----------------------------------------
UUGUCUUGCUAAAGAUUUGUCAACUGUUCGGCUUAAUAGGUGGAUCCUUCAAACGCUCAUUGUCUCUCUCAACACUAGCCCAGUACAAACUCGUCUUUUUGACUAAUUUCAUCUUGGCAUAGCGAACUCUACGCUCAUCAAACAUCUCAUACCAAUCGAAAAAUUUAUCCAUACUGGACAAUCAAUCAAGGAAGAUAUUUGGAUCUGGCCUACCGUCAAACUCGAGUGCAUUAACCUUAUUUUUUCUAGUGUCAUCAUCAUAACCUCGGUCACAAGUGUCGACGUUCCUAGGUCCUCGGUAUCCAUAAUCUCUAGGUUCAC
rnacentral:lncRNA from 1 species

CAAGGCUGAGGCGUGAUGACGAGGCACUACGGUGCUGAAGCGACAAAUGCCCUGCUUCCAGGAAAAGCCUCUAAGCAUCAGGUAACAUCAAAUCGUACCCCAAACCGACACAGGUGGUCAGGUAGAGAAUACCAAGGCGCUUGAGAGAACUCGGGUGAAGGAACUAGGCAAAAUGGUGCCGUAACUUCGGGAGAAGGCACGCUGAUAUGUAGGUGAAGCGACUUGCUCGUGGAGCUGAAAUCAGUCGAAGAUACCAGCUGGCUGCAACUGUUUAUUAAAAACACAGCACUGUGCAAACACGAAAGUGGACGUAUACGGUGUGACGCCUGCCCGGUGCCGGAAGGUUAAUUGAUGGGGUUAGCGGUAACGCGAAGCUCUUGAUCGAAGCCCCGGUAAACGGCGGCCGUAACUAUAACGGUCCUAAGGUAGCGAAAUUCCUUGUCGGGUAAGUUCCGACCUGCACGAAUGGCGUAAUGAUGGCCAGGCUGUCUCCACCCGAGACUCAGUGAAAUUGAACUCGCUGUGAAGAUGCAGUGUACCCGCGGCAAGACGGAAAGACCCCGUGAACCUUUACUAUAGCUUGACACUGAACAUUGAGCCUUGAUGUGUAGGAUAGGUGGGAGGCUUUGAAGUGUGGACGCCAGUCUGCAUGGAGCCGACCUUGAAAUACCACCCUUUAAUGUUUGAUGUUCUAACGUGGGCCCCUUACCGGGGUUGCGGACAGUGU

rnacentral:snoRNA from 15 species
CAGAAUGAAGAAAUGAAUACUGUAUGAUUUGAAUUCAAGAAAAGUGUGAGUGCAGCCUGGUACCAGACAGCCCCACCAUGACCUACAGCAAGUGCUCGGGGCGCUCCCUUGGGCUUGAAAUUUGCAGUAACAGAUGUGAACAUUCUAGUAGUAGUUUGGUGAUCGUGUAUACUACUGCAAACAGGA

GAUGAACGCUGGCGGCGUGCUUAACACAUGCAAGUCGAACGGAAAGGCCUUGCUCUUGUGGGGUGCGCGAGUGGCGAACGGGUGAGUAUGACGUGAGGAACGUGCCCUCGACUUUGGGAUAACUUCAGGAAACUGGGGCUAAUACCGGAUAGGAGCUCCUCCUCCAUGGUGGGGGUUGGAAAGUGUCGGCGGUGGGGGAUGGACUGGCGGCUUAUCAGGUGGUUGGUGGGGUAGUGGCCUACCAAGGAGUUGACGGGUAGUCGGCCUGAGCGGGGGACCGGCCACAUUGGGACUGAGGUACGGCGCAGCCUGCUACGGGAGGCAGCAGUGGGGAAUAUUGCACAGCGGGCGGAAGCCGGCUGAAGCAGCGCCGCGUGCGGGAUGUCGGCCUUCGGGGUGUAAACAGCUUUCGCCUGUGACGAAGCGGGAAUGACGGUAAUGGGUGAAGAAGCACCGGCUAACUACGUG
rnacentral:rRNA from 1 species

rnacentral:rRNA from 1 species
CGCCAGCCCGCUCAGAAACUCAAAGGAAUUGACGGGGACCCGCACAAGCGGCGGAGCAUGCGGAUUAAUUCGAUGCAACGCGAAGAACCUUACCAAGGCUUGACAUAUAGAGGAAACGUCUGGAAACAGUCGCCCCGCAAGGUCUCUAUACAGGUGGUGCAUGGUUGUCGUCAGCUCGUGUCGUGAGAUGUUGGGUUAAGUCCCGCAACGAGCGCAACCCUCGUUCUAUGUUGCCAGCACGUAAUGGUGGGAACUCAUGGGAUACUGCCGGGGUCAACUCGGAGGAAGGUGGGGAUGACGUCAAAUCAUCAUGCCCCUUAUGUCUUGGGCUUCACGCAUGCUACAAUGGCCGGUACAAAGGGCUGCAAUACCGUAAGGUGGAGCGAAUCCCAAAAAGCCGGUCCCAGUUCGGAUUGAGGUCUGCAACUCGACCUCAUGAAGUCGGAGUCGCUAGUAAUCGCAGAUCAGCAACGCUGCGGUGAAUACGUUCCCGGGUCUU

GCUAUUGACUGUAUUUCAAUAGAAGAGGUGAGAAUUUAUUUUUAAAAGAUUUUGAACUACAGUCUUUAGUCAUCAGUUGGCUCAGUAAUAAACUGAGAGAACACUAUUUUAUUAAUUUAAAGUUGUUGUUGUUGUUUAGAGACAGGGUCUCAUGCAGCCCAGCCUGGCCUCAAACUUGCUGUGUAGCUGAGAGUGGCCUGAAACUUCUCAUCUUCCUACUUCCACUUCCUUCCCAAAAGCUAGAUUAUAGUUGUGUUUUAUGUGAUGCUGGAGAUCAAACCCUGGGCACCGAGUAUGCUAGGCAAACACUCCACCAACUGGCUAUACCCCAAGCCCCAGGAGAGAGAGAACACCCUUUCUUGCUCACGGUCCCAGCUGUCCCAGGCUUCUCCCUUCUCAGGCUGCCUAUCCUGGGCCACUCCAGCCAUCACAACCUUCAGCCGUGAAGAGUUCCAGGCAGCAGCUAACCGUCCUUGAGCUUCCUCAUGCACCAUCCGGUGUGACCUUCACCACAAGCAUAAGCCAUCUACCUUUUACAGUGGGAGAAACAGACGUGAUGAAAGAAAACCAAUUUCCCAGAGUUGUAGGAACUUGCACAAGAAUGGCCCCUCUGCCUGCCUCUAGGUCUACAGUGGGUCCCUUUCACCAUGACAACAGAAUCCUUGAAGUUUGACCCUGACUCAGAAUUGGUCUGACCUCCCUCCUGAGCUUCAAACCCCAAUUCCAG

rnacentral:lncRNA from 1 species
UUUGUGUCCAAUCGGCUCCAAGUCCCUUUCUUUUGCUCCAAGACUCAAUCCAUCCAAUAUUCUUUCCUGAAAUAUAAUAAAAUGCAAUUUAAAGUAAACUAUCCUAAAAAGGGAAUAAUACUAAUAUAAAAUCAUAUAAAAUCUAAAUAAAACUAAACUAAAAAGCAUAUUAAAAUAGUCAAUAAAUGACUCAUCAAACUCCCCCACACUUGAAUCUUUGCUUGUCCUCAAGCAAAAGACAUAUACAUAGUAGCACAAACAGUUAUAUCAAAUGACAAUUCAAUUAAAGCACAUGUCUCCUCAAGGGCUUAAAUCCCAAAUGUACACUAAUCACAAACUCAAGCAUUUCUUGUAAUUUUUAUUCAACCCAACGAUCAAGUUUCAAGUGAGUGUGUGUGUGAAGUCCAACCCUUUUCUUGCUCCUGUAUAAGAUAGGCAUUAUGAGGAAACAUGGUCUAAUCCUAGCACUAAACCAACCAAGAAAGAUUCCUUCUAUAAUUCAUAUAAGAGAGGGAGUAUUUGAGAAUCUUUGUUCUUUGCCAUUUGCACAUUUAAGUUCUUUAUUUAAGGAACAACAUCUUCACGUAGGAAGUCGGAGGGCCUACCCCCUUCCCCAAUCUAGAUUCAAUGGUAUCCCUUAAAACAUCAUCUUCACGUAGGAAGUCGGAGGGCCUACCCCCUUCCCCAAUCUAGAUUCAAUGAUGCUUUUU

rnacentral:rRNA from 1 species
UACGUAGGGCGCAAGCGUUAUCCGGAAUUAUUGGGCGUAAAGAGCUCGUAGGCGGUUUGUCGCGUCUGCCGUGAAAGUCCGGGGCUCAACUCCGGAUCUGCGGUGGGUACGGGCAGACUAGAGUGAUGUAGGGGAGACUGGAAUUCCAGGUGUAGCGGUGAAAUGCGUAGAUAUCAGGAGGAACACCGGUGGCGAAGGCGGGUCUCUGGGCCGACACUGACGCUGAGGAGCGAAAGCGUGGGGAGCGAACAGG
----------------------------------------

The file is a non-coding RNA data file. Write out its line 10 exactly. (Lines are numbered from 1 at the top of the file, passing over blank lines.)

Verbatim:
GCUAUUGACUGUAUUUCAAUAGAAGAGGUGAGAAUUUAUUUUUAAAAGAUUUUGAACUACAGUCUUUAGUCAUCAGUUGGCUCAGUAAUAAACUGAGAGAACACUAUUUUAUUAAUUUAAAGUUGUUGUUGUUGUUUAGAGACAGGGUCUCAUGCAGCCCAGCCUGGCCUCAAACUUGCUGUGUAGCUGAGAGUGGCCUGAAACUUCUCAUCUUCCUACUUCCACUUCCUUCCCAAAAGCUAGAUUAUAGUUGUGUUUUAUGUGAUGCUGGAGAUCAAACCCUGGGCACCGAGUAUGCUAGGCAAACACUCCACCAACUGGCUAUACCCCAAGCCCCAGGAGAGAGAGAACACCCUUUCUUGCUCACGGUCCCAGCUGUCCCAGGCUUCUCCCUUCUCAGGCUGCCUAUCCUGGGCCACUCCAGCCAUCACAACCUUCAGCCGUGAAGAGUUCCAGGCAGCAGCUAACCGUCCUUGAGCUUCCUCAUGCACCAUCCGGUGUGACCUUCACCACAAGCAUAAGCCAUCUACCUUUUACAGUGGGAGAAACAGACGUGAUGAAAGAAAACCAAUUUCCCAGAGUUGUAGGAACUUGCACAAGAAUGGCCCCUCUGCCUGCCUCUAGGUCUACAGUGGGUCCCUUUCACCAUGACAACAGAAUCCUUGAAGUUUGACCCUGACUCAGAAUUGGUCUGACCUCCCUCCUGAGCUUCAAACCCCAAUUCCAG